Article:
CM/AS(2008)Quest538 final 11 February 2008
Written Question No. 538 by Mrs de Pourbaix-Lundin: “Ratification of the Convention on Action against Trafficking in Human Beings”
Reply of the Committee of Ministers
(adopted on 6 February 2008 at the 1017th meeting of the Ministers’ Deputies)
Trafficking in girls and women for purposes of sexual exploitation is the slavery of our time. For international organised crime, trafficking has become one of the largest sources of income. Only by means of joint action and a common position on these terrible crimes do we have a chance to put a stop to trafficking. Joint measures are also needed to help those who are already victims of trafficking.
What I would like to know is whether the Committee of Ministers has planned to take any specific measures to speed up the member states' ratification of the Council of Europe Convention on Action against Trafficking in Human Beings?
1. The Committee of Ministers thanks Mrs de Pourbaix-Lundin for her question which reflects her strong interest in action against trafficking in human beings and the Council of Europe Convention on Action against Trafficking in Human Beings aimed at fighting this terrible phenomenon and serious violation of human rights. It thanks the Parliamentary Assembly for its active contribution to the preparatory work of this convention and for its commitment in the promotion of the convention’s ratification by all the Council of Europe member states and non-member states.
2. The Council of Europe Convention on Action against Trafficking in Human Beings, the first European treaty in this field, is a comprehensive treaty focussing mainly on the protection of victims of trafficking and the safeguard of their rights. It also aims to prevent trafficking and to prosecute traffickers. In addition, the convention provides that an effective and independent monitoring mechanism be set up, which will be capable of controlling the implementation of the obligations contained in the convention.
3. During the Warsaw Summit, the Heads of State and Government firmly condemned trafficking in human beings as an offence to the dignity and integrity of the human being. They welcomed the opening for signature of the convention and they called for its widest possible ratification and swift entry into force.
4. In line with these commitments, in 2006 the Committee of Ministers launched the Council of Europe Campaign to Combat Trafficking in Human Beings under the slogan “Human Being – Not for Sale”. The campaign had two main aims. The first was to raise awareness of the problem of trafficking in human beings, as well as possible solutions to it, among governments, parliamentarians, local and regional authorities, NGOs and civil society. It also strived to instigate measures to protect the human rights of victims and prosecute the traffickers and their accomplices. The second aim was to promote the widest possible signature and ratification of the convention among member states and non-member states, in order that it may enter into force as soon as possible. To this end, targeted seminars and meetings of experts have taken place in many member states. These meetings provided the stakeholders concerned with the necessary technical assistance for drawing up or revising legislation in this area and assisted them to adopt the necessary measures for combating this scourge.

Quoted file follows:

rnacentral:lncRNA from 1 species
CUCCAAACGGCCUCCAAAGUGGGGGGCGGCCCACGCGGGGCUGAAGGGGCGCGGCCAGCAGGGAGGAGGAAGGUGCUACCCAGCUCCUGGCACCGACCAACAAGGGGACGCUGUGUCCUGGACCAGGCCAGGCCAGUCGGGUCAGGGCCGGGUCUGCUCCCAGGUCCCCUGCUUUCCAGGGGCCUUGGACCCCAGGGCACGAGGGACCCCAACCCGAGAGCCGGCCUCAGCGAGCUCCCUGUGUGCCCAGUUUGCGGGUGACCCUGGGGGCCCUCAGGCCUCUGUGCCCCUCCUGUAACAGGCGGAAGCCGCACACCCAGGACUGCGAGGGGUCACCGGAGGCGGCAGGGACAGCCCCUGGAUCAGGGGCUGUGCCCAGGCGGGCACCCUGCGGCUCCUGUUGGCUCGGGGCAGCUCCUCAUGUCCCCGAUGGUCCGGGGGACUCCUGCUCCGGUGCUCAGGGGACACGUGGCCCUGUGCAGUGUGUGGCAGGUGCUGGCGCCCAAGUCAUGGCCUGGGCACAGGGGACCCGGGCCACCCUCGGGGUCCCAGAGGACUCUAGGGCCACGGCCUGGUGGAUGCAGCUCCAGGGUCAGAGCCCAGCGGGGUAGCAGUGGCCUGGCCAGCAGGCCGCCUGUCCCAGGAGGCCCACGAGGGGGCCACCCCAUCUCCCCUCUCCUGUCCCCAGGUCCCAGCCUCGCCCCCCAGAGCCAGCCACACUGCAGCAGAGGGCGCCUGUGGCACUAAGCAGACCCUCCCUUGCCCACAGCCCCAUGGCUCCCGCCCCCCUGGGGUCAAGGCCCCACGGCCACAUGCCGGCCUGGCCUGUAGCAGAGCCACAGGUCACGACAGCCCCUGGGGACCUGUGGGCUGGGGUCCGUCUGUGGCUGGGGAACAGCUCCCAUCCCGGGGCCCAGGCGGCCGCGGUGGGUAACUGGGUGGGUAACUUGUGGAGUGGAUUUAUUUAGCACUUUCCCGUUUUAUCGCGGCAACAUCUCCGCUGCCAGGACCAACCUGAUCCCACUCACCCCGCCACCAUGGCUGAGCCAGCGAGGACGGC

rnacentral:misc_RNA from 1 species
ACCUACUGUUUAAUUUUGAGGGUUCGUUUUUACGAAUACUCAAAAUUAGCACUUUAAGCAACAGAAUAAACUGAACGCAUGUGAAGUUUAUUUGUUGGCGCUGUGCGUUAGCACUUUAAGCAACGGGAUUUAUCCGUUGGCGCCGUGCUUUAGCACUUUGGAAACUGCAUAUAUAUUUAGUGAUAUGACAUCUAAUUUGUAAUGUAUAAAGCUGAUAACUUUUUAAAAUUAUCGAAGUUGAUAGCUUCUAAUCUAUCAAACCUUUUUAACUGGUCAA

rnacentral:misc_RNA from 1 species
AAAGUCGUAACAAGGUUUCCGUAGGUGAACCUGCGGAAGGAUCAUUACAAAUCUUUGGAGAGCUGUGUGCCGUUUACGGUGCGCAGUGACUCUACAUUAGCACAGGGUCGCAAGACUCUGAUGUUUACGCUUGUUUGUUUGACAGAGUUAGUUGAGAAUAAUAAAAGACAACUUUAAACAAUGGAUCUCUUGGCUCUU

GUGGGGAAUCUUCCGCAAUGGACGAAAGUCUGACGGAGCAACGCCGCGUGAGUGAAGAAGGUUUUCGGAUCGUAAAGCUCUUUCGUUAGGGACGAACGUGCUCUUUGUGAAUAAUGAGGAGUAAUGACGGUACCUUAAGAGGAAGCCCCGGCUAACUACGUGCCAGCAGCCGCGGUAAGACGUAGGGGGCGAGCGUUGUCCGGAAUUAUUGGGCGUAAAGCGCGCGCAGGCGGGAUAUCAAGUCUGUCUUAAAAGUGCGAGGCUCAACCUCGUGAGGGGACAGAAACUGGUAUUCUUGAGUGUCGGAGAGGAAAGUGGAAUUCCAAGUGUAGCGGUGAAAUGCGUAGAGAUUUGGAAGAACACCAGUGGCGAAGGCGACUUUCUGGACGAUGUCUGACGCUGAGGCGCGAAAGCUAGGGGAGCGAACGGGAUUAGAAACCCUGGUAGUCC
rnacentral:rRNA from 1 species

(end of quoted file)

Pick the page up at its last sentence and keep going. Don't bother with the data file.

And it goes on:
5. On 24 October 2007, the Convention received its 10th ratification triggering the process by which it entered into force on 1 February 2008.1
6. The fight against trafficking calls for a multidisciplinary approach including prevention, protection of the rights of victims and prosecution of the traffickers as well as for joint action, as no country alone can defeat this new form of slavery. With this new Council of Europe convention, we have an innovative tool with the potential to make a significant contribution to prevent and combat trafficking all over Europe and beyond.
7. The Council of Europe Campaign to combat Trafficking in Human Beings ended officially when the convention entered into force on 1 February 2008. However, in accordance with the Organisation’s priorities set by the Heads of State and Government of the member states in the Action Plan adopted during the Third Summit, the Committee of Ministers will continue resolutely to promote the widest possible ratification of the convention among member and non-member states. The Council of Europe will provide states with legal and technical assistance for drawing up or revising national legislation and policies in conformity with the measures contained in the convention.
8. In this connection, a conference was held on 8 and 9 November 2007. It aimed to contribute to the setting up of the independent human rights monitoring mechanism of the Convention – the Group of Experts on Action against Trafficking in Human Beings (GRETA), responsible for monitoring the implementation of the convention in the countries that have ratified it, as well as of the other pillar of the monitoring system – the Committee of the Parties. The Committee of Ministers welcomes the work done in this context and its contribution to the concrete implementation of the provisions of the Council of Europe Convention on Action against Trafficking in Human Beings.
Note 1 So far the convention has been ratified by the following Council of Europe member states (the convention is also open to non-member states): Albania, Austria, Bosnia and Herzegovina, Bulgaria, Croatia, Cyprus, Denmark, France, Georgia, Malta, Moldova, Norway, Romania and Slovakia. The convention has been signed by 23 other member states: Andorra, Armenia, Belgium, Finland, Germany, Greece, Hungary, Iceland, Ireland, Italy, Latvia, Luxembourg, Montenegro, Netherlands, Poland, Portugal, San Marino, Serbia, Slovenia, Sweden, “the former Yugoslav Republic of Macedonia”, Ukraine and United Kingdom.